Summary from BN.com: When Catharine Olsen leaves Holland for Wyoming as a mail-order bride, she brings some extra baggage with her: two sisters, her mother's set of Blue Willow china, and a tragic past. As she steps off the train, Peter Andersen is glad to see that she is everything her letters showed her to be. But he is a bit perturbed by her unexpected companions. How will he support them all? And what other secrets might Catharine be keeping from him? Filled with sweet romance and vivid characters, Deeply Devoted highlights a clash of cultures as a highborn European and a simple wheat farmer learn to love one another and trust God with the past--and the future.
I really don't think I am a romance reader anymore. While I was never a huge fan of the genre, I found most Christian historical romances enjoyable in the past. Lately though, I feel like the stories are making me jaded. I'm not enjoying them the way I used to. Unfortunately this book falls into that category.
I usually like stories about mail order brides. I find the concept fascinating and terrifying for the women who went through this process. This is actually one of the few foreign mail order brides that I've read in Christian fiction so I found the twist to be unique. Not only did Catharine have to adjust living with someone she never met but she also had to adapt to a new country as well.
However, I never once clicked with Peter or Catharine. I think it all started when it's made known immediately that Catharine never told Peter that her sisters were coming with her to live with them. She says that she did it because she was afraid he'd say no, but you know what? He had every right to say no! All of a sudden now he's suppose to provide for 2 additional people that he had no idea about? What if he couldn't afford to keep them? She just didn't think and it really made me irritated and not a good way for me to get into the book. This is just one of the many secrets that the couple keeps from each other. Throw in a mother in law who is a big snoop and you have a recipe for trouble. I kept wishing that someone would just say something but no. The whole story revolves around people not telling the truth, the other party finding out the truth but not telling the other person they know the truth and everyone pretending everything's ok on the outside.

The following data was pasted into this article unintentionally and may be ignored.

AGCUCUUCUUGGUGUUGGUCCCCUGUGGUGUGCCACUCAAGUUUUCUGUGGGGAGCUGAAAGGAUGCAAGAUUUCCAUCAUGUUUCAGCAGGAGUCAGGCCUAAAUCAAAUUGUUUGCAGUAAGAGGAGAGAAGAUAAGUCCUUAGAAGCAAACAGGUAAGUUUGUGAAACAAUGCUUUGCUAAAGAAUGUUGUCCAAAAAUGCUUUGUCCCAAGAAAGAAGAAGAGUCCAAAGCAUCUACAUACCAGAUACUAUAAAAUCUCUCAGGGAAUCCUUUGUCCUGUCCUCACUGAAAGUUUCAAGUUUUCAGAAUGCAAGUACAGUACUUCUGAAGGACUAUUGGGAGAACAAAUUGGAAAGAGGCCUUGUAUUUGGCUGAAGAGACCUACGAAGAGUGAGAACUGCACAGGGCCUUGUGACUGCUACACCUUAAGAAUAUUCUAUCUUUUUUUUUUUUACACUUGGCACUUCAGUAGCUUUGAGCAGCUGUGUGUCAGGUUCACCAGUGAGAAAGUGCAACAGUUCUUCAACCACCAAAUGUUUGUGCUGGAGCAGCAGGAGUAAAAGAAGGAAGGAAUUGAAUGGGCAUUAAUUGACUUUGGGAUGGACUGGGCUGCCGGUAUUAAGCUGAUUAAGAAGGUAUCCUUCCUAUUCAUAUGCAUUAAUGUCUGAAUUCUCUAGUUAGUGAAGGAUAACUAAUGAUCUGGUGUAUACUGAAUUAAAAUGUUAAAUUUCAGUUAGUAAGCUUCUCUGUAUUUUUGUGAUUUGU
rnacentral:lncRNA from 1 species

I also got very agitated at an exchange between the couple. Catharine is asking Peter about the soldiers in the area. Peter tells her "don't worry your pretty little head" about them. Instead of being insulted or offended by this comment, she is FLATTERED because she thinks he's telling her she's pretty! I was seriously disgusted by the way she is portrayed here and I asked others how they would feel and they all felt the same way I did. I can only guess that the author is trying to show Catharine as having low self esteem or something like that because otherwise this just seems that all anyone cares about is appearances and not smarts.
I did appreciate the presence of divorce during the time period and involving Christians to show that sometimes it is necessary. The author does also show the research that she did extensively in her notes at the end of the book. I did find it interesting that Peter's mother has secrets as well and is not the uppity woman she tries to be. I feel like there will be more to the sisters' stories in the future because I did not feel like I got to know them very much in this story. Unfortunately I don't think I'll be reading it after the way I felt with this book. I do think however that most fans of mail order brides and Christian historical fiction will enjoy this book.
Deeply Devoted by Maggie Brendan is published by Revell (2011)
This review copy was provided by the publisher